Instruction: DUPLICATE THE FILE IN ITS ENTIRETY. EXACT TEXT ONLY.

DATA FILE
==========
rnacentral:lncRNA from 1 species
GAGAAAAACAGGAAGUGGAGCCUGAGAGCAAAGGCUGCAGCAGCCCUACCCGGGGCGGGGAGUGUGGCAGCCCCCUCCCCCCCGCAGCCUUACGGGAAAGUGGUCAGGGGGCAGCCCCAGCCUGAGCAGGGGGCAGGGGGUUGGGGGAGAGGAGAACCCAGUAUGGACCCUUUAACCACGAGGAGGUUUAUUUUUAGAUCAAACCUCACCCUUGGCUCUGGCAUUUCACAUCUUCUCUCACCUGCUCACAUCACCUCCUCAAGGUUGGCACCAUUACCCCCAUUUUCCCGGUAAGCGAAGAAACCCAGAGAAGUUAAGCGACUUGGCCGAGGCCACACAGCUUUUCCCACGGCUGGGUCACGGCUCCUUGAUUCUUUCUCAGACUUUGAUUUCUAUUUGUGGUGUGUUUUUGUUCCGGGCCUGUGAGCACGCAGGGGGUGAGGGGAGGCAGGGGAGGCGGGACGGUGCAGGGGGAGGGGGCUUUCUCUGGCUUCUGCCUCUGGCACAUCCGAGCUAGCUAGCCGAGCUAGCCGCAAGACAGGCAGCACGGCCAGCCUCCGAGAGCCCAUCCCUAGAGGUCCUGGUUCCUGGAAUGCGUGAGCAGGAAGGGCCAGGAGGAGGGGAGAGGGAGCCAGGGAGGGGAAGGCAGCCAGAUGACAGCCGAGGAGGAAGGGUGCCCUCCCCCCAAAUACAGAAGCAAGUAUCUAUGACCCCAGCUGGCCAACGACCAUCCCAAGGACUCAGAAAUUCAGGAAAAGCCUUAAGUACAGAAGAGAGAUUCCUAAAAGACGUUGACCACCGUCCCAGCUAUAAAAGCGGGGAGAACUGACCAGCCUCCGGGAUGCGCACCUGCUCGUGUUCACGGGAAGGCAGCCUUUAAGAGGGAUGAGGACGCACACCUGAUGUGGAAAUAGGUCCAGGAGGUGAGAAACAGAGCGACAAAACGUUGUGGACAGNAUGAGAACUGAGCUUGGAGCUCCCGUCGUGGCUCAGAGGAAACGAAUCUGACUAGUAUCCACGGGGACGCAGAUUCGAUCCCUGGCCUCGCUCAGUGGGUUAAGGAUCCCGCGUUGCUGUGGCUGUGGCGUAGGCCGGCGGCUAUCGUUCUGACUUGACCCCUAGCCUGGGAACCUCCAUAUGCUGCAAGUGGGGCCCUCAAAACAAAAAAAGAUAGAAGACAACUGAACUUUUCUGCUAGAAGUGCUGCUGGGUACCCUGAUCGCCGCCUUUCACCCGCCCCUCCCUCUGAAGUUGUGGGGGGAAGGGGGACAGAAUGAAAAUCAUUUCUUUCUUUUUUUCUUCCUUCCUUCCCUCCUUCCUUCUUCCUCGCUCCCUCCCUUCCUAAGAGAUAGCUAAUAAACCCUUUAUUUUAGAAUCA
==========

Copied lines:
rnacentral:lncRNA from 1 species
GAGAAAAACAGGAAGUGGAGCCUGAGAGCAAAGGCUGCAGCAGCCCUACCCGGGGCGGGGAGUGUGGCAGCCCCCUCCCCCCCGCAGCCUUACGGGAAAGUGGUCAGGGGGCAGCCCCAGCCUGAGCAGGGGGCAGGGGGUUGGGGGAGAGGAGAACCCAGUAUGGACCCUUUAACCACGAGGAGGUUUAUUUUUAGAUCAAACCUCACCCUUGGCUCUGGCAUUUCACAUCUUCUCUCACCUGCUCACAUCACCUCCUCAAGGUUGGCACCAUUACCCCCAUUUUCCCGGUAAGCGAAGAAACCCAGAGAAGUUAAGCGACUUGGCCGAGGCCACACAGCUUUUCCCACGGCUGGGUCACGGCUCCUUGAUUCUUUCUCAGACUUUGAUUUCUAUUUGUGGUGUGUUUUUGUUCCGGGCCUGUGAGCACGCAGGGGGUGAGGGGAGGCAGGGGAGGCGGGACGGUGCAGGGGGAGGGGGCUUUCUCUGGCUUCUGCCUCUGGCACAUCCGAGCUAGCUAGCCGAGCUAGCCGCAAGACAGGCAGCACGGCCAGCCUCCGAGAGCCCAUCCCUAGAGGUCCUGGUUCCUGGAAUGCGUGAGCAGGAAGGGCCAGGAGGAGGGGAGAGGGAGCCAGGGAGGGGAAGGCAGCCAGAUGACAGCCGAGGAGGAAGGGUGCCCUCCCCCCAAAUACAGAAGCAAGUAUCUAUGACCCCAGCUGGCCAACGACCAUCCCAAGGACUCAGAAAUUCAGGAAAAGCCUUAAGUACAGAAGAGAGAUUCCUAAAAGACGUUGACCACCGUCCCAGCUAUAAAAGCGGGGAGAACUGACCAGCCUCCGGGAUGCGCACCUGCUCGUGUUCACGGGAAGGCAGCCUUUAAGAGGGAUGAGGACGCACACCUGAUGUGGAAAUAGGUCCAGGAGGUGAGAAACAGAGCGACAAAACGUUGUGGACAGNAUGAGAACUGAGCUUGGAGCUCCCGUCGUGGCUCAGAGGAAACGAAUCUGACUAGUAUCCACGGGGACGCAGAUUCGAUCCCUGGCCUCGCUCAGUGGGUUAAGGAUCCCGCGUUGCUGUGGCUGUGGCGUAGGCCGGCGGCUAUCGUUCUGACUUGACCCCUAGCCUGGGAACCUCCAUAUGCUGCAAGUGGGGCCCUCAAAACAAAAAAAGAUAGAAGACAACUGAACUUUUCUGCUAGAAGUGCUGCUGGGUACCCUGAUCGCCGCCUUUCACCCGCCCCUCCCUCUGAAGUUGUGGGGGGAAGGGGGACAGAAUGAAAAUCAUUUCUUUCUUUUUUUCUUCCUUCCUUCCCUCCUUCCUUCUUCCUCGCUCCCUCCCUUCCUAAGAGAUAGCUAAUAAACCCUUUAUUUUAGAAUCA